[Kanal Media Unpad] A professor from the University of California Berkeley, United States, who is fond of Sundanese culture, Margot Rose Lederer, stated that Sundanese art never ceases to be known internationally.
It was previously mentioned by Margot when she presented in a forum entitled “Dual Perspectives: Fifty Years of Sunda-California Cultural Exchange” which was held by the Sundanese Studies in the Japanese Study Center Laboratory, Thursday (1/9/2022). The forum was held as part of the “FIB World Class University” program.
Margot stated that Sundanese arts, including music, drama, and theater, have developed in California. In the United States itself, The Gamelan music from Sunda has been exhibited since 1933 at the World’s Columbian Exposition in Chicago. Even recently, the musical instrument is still stored in the Field Museum Chicago.
Furthermore, Sundanese art continues to take part in many global events held in the United States, Asia, Africa, and Europe.
“In practice, many great Indonesian artists, especially Sundanese artists, are involved. Namely Enoch Atmadibrata, Irawati Durban Ardjo, Nugraha Sudiredja, Nining Sekarningsih, Rucita, Undang Sumarna, and Endo Suanda,” Margot said in a release by Kanal Media Unpad.
In California, Sundanese art has been flourishing since 1974 and is well preserved today. A set of gamelan instruments can be found in several educational institutions in California, such as the University of California Santa Cruz and the University of California UC Davis.
“Along with other art forms such as wayang golek, theater or drama, as well as the rampak dance which are often played and introduced,” she added.
In front of the audience, Margot talked about her fondness for Sundanese culture. Apart from her family who built her love of culture, she also thinks that art and culture are the way of expressing her concern for social, natural, and economic matters.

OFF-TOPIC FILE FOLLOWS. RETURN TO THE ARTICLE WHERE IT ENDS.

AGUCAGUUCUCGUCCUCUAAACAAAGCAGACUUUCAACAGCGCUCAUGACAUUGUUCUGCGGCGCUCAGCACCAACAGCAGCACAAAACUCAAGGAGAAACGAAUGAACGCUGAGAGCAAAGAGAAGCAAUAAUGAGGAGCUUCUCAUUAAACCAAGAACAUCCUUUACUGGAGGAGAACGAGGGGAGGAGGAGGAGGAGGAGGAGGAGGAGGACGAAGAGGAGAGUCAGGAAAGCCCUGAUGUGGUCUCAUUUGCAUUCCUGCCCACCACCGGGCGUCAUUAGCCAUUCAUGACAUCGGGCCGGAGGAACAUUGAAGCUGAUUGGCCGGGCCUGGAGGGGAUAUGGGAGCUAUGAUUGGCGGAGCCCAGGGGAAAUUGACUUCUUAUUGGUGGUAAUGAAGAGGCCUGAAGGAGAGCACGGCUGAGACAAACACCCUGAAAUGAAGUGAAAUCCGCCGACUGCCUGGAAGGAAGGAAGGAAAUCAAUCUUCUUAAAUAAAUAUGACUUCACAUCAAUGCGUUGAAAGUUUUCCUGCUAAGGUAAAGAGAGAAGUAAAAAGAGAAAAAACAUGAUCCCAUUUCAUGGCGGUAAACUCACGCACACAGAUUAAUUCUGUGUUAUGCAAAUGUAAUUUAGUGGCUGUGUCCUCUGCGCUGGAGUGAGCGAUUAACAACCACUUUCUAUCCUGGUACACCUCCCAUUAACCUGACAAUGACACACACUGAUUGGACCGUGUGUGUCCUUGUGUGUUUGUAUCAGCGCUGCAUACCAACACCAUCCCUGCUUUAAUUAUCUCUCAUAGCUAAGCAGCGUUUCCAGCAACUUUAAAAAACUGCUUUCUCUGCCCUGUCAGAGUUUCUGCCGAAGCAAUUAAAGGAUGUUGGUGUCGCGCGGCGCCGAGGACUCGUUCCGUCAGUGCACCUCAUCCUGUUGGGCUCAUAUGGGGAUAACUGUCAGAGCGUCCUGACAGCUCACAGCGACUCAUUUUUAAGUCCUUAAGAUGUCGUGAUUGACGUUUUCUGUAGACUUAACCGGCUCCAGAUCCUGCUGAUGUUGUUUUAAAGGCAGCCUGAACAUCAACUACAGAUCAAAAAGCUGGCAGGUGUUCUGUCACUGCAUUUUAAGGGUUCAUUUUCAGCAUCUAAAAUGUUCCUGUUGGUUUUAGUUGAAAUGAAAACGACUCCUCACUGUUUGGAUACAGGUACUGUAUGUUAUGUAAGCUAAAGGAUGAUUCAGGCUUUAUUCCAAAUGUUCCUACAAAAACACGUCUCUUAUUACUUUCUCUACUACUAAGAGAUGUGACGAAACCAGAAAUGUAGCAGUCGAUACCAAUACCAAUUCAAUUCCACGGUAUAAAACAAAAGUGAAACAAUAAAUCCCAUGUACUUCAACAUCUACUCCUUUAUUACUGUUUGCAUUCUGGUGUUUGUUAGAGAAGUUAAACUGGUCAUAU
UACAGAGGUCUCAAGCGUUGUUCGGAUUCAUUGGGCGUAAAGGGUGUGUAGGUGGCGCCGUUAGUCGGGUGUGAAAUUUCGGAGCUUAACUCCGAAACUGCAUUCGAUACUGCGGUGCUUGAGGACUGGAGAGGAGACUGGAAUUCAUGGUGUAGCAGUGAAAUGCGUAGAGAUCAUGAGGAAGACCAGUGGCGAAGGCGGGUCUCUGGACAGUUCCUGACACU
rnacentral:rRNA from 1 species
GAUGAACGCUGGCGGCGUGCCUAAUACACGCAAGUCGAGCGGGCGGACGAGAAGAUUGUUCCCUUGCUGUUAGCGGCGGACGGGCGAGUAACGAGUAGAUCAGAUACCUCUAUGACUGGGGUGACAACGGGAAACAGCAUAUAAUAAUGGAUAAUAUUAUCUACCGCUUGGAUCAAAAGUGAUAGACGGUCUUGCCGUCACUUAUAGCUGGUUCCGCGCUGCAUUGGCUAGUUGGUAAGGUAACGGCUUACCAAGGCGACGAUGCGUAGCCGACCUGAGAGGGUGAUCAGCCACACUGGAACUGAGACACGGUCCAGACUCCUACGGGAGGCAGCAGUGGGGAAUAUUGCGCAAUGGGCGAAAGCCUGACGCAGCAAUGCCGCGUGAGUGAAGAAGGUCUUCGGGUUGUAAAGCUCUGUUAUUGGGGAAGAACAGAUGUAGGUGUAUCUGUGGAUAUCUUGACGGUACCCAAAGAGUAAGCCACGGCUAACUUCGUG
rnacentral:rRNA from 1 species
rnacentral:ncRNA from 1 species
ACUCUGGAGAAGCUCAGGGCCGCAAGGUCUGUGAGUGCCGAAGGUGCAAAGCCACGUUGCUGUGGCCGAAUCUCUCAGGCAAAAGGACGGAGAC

The compassion and emotion that can be felt in Sundanese music, including the strains of the flute, the friction of the fiddle, and the passionate beating of the drums further foster Margot’s love for Sundanese art.
This became Margot’s motive for learning and pursuing Sundanese art. Recently, Margot is able to perform the Kupu-kupu and Sulintang dances. Her ability to dance is recognized as a gender expression, especially because it is not limited by gender roles.
“When dancing, a woman has the right to be anything and play any role according to what she wants to convey. Through dance, a woman is given the freedom to express herself,” said Margot.
Not only studying in California, Margot also came to Indonesia to learn various Sundanese dances. One of the areas she visited was a village in Cirebon. Her interest made Margot establish relationships and friendships with various institutions in order to maintain, introduce, and develop Sundanese culture internationally.
The Sundanese cultural exchange relationship with California is expected to be a positive thing that will have a reciprocal relationship that positively impacts the sustainability of Sundanese culture. The international collaboration is expected to further strengthen the existence of Sundanese culture on a global scale.
Her love of Sundanese arts has greatly influenced Margot’s expertise in town planning. Margot emphasized that culture plays a significant role in the town planning process.
“To create a public space and open creative minds, cultural elements should be considered more deeply in order to appreciate the history and struggles of the great people behind the creation of art and culture,” she said.